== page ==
It’s mid April and a lot of hunters may believe that the acorn consumption is over and that animals will be using other food sources. After looking in the crop of this turkey, we know that’s not true. Season opens up for everyone in Missouri on Monday and you can bet at some point we’ll be chasing turkeys in the timber!

Daydreaming of long beards and long spurs,

Adam

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Shed Hunting? My Advice – Don’t Start!

If you’ve never been shed antler hunting I have some advice for you.  It’s simple – don’t go. Don’t go shed hunting. Don’t even start. Don’t even spend 15 minutes looking in a food plot for antlers. Why? Because once you do you will be addicted. I’ve seen it happen. The addiction only takes minutes to set in. I saw it happen just recently.

A matched set of shed antlers.

A matched set of shed antlers.

I had a family come join me on a recent Sunday afternoon to enjoy a couple of hours walking in the woods to hunt for shed antlers. Neither the husband nor wife had ever hunted for shed antlers. As a matter of fact, the husband prefers turkey hunting to deer hunting. However they love being outdoors, love hiking, and love letting their three boys run free in the woods where they can’t get in trouble when throwing a rock or busting up a tree stump.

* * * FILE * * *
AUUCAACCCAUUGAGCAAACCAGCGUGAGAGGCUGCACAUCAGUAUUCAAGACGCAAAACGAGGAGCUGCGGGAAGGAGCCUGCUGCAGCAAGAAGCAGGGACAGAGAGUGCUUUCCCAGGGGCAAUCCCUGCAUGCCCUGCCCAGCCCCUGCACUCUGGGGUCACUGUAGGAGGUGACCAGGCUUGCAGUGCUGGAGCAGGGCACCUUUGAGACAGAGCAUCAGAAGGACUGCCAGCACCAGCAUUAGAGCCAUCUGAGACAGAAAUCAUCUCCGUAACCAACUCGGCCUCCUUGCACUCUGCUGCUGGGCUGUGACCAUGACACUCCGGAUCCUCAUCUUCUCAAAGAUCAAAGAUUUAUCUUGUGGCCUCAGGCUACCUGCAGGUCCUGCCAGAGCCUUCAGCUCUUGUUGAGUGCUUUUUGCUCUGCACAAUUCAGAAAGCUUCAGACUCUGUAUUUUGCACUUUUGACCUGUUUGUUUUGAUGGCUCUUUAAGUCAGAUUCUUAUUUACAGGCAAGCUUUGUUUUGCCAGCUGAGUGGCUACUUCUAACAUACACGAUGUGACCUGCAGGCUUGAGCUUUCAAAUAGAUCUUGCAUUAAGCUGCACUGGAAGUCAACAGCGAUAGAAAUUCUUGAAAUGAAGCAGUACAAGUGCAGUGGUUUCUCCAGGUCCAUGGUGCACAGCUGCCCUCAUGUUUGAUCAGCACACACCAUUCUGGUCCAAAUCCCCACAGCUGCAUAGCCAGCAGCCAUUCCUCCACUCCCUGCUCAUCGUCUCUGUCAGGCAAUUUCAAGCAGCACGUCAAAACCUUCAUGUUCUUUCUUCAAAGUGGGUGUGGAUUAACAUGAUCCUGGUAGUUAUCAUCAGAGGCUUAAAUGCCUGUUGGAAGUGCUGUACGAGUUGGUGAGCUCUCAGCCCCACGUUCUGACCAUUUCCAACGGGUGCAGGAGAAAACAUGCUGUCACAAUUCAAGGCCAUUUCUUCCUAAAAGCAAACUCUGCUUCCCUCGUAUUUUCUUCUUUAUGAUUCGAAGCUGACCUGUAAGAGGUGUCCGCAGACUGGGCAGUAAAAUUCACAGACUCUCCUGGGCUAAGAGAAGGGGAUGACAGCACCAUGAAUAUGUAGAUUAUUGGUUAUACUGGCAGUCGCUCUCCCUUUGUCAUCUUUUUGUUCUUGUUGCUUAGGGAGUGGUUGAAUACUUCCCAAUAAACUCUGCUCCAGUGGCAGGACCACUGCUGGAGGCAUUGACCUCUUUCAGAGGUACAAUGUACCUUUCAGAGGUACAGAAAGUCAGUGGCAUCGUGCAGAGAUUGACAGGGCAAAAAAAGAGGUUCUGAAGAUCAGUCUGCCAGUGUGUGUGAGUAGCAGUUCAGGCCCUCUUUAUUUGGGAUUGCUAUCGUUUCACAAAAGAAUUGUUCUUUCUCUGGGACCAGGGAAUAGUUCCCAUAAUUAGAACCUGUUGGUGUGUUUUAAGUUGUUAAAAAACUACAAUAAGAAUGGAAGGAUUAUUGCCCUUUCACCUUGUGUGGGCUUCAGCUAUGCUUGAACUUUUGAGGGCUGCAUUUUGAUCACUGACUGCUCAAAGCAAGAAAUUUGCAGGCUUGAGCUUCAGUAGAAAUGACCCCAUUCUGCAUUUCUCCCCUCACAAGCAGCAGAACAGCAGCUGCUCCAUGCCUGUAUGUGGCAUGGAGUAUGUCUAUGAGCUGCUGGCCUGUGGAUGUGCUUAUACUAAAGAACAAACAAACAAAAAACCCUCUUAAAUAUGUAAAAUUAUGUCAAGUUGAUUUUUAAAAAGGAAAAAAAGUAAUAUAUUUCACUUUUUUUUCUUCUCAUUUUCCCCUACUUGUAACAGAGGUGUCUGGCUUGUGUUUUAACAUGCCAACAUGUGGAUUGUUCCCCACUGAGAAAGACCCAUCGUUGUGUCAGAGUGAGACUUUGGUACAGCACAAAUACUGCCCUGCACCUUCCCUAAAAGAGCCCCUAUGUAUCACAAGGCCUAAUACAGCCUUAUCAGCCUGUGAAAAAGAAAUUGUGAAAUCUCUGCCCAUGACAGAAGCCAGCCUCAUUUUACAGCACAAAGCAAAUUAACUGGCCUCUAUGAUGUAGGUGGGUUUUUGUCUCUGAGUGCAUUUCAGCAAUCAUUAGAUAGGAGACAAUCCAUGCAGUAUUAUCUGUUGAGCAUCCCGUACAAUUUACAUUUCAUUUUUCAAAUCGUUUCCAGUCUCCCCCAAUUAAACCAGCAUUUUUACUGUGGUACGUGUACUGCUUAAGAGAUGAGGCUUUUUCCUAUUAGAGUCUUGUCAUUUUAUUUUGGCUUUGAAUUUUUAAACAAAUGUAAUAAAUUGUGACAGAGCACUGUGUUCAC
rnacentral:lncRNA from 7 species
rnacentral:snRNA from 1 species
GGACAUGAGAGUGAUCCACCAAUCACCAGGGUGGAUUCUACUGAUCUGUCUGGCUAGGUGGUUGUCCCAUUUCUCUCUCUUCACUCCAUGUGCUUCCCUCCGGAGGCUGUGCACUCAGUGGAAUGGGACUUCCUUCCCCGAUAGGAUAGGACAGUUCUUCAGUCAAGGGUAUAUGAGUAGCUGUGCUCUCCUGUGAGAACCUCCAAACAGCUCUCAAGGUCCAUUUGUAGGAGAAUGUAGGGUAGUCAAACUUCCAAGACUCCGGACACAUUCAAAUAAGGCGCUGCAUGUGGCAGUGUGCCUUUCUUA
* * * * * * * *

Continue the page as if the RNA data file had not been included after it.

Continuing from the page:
Our hunt that afternoon focused on areas of high deer activity – the woods around frequently used food plots. As the hunt progressed I saw the hike turn from a casual family hike to an intense search for that elusive shed antler. I saw it on their faces – fierce concentration as they scanned the ground hoping to find one. It was like an early Easter egg hunt for adults.

They were full of questions. Where should I be looking? How do I find one? How many have you found in a day? What’s the most you’ve found in a season? Is it more of a thrill to find a big antler or a small antler?

A smaller shed antler

It’s very rewarding to find smaller shed antlers too!

As I answered each question I could see the desire to find an antler begin to burn stronger. My answers were simple: When you find deer trails, rubs, scrapes, deer beds, or deer poop slow down and check those areas out more thoroughly. I’ve found up to six antlers in one day. To me it’s more rewarding to find a small antler than a big one because you have to really be looking hard to find those! Of course, the big antlers are a bigger thrill to find and are what keeps everyone truly motivated.

The afternoon hunt ended with the boys playing in the creek, one shed antler found that was definitely shed more than a couple of years before, and at least two new addicts to hunting shed antlers.

The next time you consider taking up shed hunting – don’t do it. Don’t go. Just go for a walk in the spring woods. Take time to enjoy the warmer air, spring wildflowers, and budding trees. If you see an antler – leave it for the squirrels. You’ll be glad you did. (or not….)

Confessing my addition to shed antler hunting,

Tracy Woods